Ang v. Fulton Fire Insurance P&S Department Store insured its merchandise stocks against fire. During
the coverage, the building where the merchandise were stored was destroyed by fire. P&S, thru Sally Ang,
filed a claim with Fulton. However, the claim was met with denial. Ang received the denial on 19 April 1956.
On 5 May 1958 this action for collection of sum of money was instituted. The insurer insists that it cannot be
made liable for the claims of Ang because the plaintiff is barred from filing an action pursuant to Par. 13 of
the policy which provides that if the claim is made and rejected but no action is commenced within 12
months after such rejection, all benefits under the policy would be forfeited, and that since the claim of the
plaintiffs was denied and plaintiffs received notice of denial on April 18, 1956, and they brought the action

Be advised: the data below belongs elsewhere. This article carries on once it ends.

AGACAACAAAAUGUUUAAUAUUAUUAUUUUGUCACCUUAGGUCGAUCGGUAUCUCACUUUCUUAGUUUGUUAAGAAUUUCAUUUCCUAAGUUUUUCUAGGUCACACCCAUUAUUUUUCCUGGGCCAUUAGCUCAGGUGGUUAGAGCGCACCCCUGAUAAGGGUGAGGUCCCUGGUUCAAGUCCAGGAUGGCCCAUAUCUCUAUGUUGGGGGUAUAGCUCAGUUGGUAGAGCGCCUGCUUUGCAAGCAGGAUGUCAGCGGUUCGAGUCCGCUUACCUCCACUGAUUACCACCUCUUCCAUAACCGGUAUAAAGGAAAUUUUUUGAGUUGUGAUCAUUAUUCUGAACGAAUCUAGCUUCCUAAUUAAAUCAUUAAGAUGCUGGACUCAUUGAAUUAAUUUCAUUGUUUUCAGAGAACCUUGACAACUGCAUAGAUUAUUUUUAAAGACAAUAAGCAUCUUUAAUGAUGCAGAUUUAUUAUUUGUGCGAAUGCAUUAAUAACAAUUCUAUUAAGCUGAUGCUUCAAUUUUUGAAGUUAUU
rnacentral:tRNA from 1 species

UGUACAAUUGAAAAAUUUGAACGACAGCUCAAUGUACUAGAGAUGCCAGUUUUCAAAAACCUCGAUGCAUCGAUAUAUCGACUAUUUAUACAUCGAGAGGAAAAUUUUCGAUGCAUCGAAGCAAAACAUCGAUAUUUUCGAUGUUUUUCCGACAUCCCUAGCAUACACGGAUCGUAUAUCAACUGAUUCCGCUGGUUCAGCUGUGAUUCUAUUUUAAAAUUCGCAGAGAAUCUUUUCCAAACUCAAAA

only on May 5, 1958, all the benefits under the policy have been forfeited. Ang, on the other hand alleged that
on May 11, 1956, they instituted Civil Case No. 2949 against Fultons Agent, Paramount Insurance, in the
Court of First Instance of Manila, to assert the claim. However, this case was dismissed without prejudice on
September 3, 1957 and that deducting the period within which said action was pending, the present action
was still within the 12 month period from April 12, 1956. The court a quo ruled that the bringing of the
action in the Court of First Instance of Manila on May 11, 1956, tolled the running of the 12 month period
within which the action must be filed. The question herein is did the filing of Civil Case No. 2949 suspend
the 12 month period within which the present action must have been filed? The court ruled that the
filing of the said civil case did not suspend the 12-month period within which the action against Fulton must
have been filed. The condition contained in the insurance policy that claims must be presented within one